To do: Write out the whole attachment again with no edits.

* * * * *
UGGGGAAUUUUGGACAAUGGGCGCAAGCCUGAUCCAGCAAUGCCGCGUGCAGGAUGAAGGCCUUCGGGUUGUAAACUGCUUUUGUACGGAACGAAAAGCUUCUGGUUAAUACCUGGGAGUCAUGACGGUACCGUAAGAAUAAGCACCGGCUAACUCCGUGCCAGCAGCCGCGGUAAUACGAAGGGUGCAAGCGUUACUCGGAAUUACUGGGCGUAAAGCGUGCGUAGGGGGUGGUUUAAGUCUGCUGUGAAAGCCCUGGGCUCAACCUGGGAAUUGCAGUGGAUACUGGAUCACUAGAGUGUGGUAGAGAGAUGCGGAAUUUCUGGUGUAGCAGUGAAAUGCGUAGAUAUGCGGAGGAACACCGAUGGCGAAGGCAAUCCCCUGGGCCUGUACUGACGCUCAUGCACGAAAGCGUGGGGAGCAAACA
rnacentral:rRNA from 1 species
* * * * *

UGGGGAAUUUUGGACAAUGGGCGCAAGCCUGAUCCAGCAAUGCCGCGUGCAGGAUGAAGGCCUUCGGGUUGUAAACUGCUUUUGUACGGAACGAAAAGCUUCUGGUUAAUACCUGGGAGUCAUGACGGUACCGUAAGAAUAAGCACCGGCUAACUCCGUGCCAGCAGCCGCGGUAAUACGAAGGGUGCAAGCGUUACUCGGAAUUACUGGGCGUAAAGCGUGCGUAGGGGGUGGUUUAAGUCUGCUGUGAAAGCCCUGGGCUCAACCUGGGAAUUGCAGUGGAUACUGGAUCACUAGAGUGUGGUAGAGAGAUGCGGAAUUUCUGGUGUAGCAGUGAAAUGCGUAGAUAUGCGGAGGAACACCGAUGGCGAAGGCAAUCCCCUGGGCCUGUACUGACGCUCAUGCACGAAAGCGUGGGGAGCAAACA
rnacentral:rRNA from 1 species